Mt. Rainier Infinity Loopers climb the mountain like the Hulk scales a skyscraper to pound puny bad guys. Infinity Loopers do not take the time to soak in views of Mt. St. Helens or the Tatoosh Range at the top. They just want to reach Mt. Rainier’s summit as fast as possible, then get back down even faster. You, on the other hand, climb slowly up North 26th Street to grab Rainier beer at Peaks & Pints craft beer bar, bottle shop and restaurant in Tacoma’s Proctor District. Mt. Rainier Infinity Loopers also run extremely fast, are superbly fit, and know The Wonderland Trail like the back of their sweaty hands. You, again, run extremely slow, aren’t superbly fit, but know Two Beers Wonderland Trail IPA like the back of your puffy hand. Today, Peaks and Pints offers you a chance to dream about being a Mt. Rainier Infinity Looper while drinking the beer version of the endurance event: Peaks and Pints Pilot Program: Mount Rainier Infinity Drinkers On The Fly.
Heard of the Mt. Rainier Infinity Loop? Don’t be sheepish if you haven’t. On July 27, 2016, 99 hours and 7 minutes and more than 120 miles and 40,000 feet of elevation gain later, Gavin Woody successfully completed the first and only attempt of the Mt. Rainier Infinity Loop: Summit Mount Rainier, then descend on the opposite side, run 30 miles back to your starting point, climb the same mountain again, head back down, then run the 70-mile Wonderland Trail the opposite direction back to the starting point. The route almost mimics the infinity sign. This summer, Alex Borsuk and Kaytlyn Gerbin became the first all-female team to complete the epic feat. Oh, yeah: The endurance event is unsupported. Loopers are on his or her own.
Ready for the Peaks and Pints Pilot Program: Mount Rainier Infinity Drinkers On The Fly? This is what you’ve been training for all summer, right?
4.73% ABV, 10 IBU
FIRST LEG: In 1883, Andrew Hemrich and partner John Kopp established Bay View Brewery in Seattle’s Georgetown neighborhood. Ten years later, Bay View Brewery joined with the breweries of Albert Braun and Claussn-Sweeney to form a new association, the Seattle Brewing & Malting Company. The brand name eventually chosen for the company’s flagship beer was “Rainier,” named after the mountain. The Bay View plant continued to operate, and in 1906 added a bottling shop and additional refrigeration. By 1905 production of Rainier Beer reached 300,000 barrels per annum. The company employed more than 300 men, and there was room to build worker homes beside the Duwamish River that then still curved through Georgetown. Kopp and Hemrich produced Rainier beer in Washington until 1916, when the state of Washington enacted its own prohibition, four years before the 18th Amendment enacted the nationwide prohibition. Following the repeal of the Prohibition, the brewery was purchased by Lethbridge, Alberta brewers Fritz and Emil Sick, who then repurchased the Rainier brand and began brewing Rainier back in Seattle in 1935. Today, Pabst Brewing Co. brews Rainier Beer with a satisfying malty flavor over a slightly fruity background, spiced with Chinook, Mt. Hood, and Willamette hop notes.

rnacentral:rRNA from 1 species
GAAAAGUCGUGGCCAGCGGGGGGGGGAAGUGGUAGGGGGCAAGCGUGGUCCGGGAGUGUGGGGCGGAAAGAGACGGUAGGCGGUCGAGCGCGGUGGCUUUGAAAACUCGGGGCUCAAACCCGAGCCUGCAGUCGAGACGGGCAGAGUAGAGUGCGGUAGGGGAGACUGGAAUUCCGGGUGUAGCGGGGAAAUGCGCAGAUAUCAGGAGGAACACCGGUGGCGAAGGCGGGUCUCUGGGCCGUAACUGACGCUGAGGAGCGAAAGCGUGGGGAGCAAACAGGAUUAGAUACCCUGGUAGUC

7.1% ABV, 84 IBU
FIRST LOOP: Two Beers Brewing founder Joel VandenBrink hiked the 93-mile trail circumnavigating Mt. Rainier solo. He dreamed of above 80 International Bitterness Units while hiking through Mystic Camp at 5,570 feet. He believed he could push an IPA close to the alcohol by volume mark of a double IPA as he trudged along the South Mowich River. He drew inspiration mixing strong citrus flavor hops with hops boasting earthy, pine characteristics while traversing along a ridge to Devil’s Dream Camp. Wonderland Trail IPA is the product of nearly two years of recipe development. Featuring a seamless blend of Washington-grown hops, this flavorful Northwest-style IPA is brewed with Cascade, Amarillo, Mosaic and Legacy hops, then dry hopped with Citra and Mosaic hops, complemented by 2-Row, Vienna and Munich malts. On the nose, a slightly sweet aroma of tangerine is followed by a wave of citrus and passion fruit on the palate, finishing clean and refreshing.
4.73% ABV, 10 IBU
SECOND LEG: Peaks and Pints serves Rainier Lager on draft — our only permanent draft handle. It has poured out of our western red cedar tap log every day since we opened Nov. 1, 2016. Rainier beer brings together nature’s bounty from the great Northwest. Pure spring waters combine with golden barley and verdant hops to produce a beer rich in taste and texture. Fermented slowly with a pedigree yeast culture under tightly controlled conditions, Rainier comes forth with a satisfying malty flavor over a slightly fruity background, spiced with Chinook, Mt. Hood and Willamette hop notes.
7.1% ABV, 84 IBU
SECOND LOOP: No better way to represent The Wonderland Trail in this to-go beer flight than Two Beers Brewing’s salute to the famous trail circumnavigating Mount Rainier. It’s the Seattle brewery’s first foray into the West Coast-style, a light bodied IPA complemented by 2-Row, Vienna and Munich malts while featuring a seamless blend of Washington-grown Amarillo, Citra, Mosaic and Cascade hops. Expect a slightly sweet aroma of tangerine followed by a wave of citrus and passion fruit.
9.5% ABV, 95 IBU
VICTORY BEER: GoodLife Brewing’s Comatose is a triple dry hopped, imperial IPA brewed with High Color Pale, Bonlander Munich and Carafoam malts balanced by Bravo, Zythos, Zeus, Chinook, Cascade and Summit hops. This heavyweight has more than 5 pounds of hop per barrel, which makes the aroma smell of strong orange candy followed by citrus and spice. The beer continues jabbing the taste buds with a taste of biting into a fresh grapefruit with a balanced malt character, luscious and slightly oily mouthfeel and a strong and clean finish. Good night!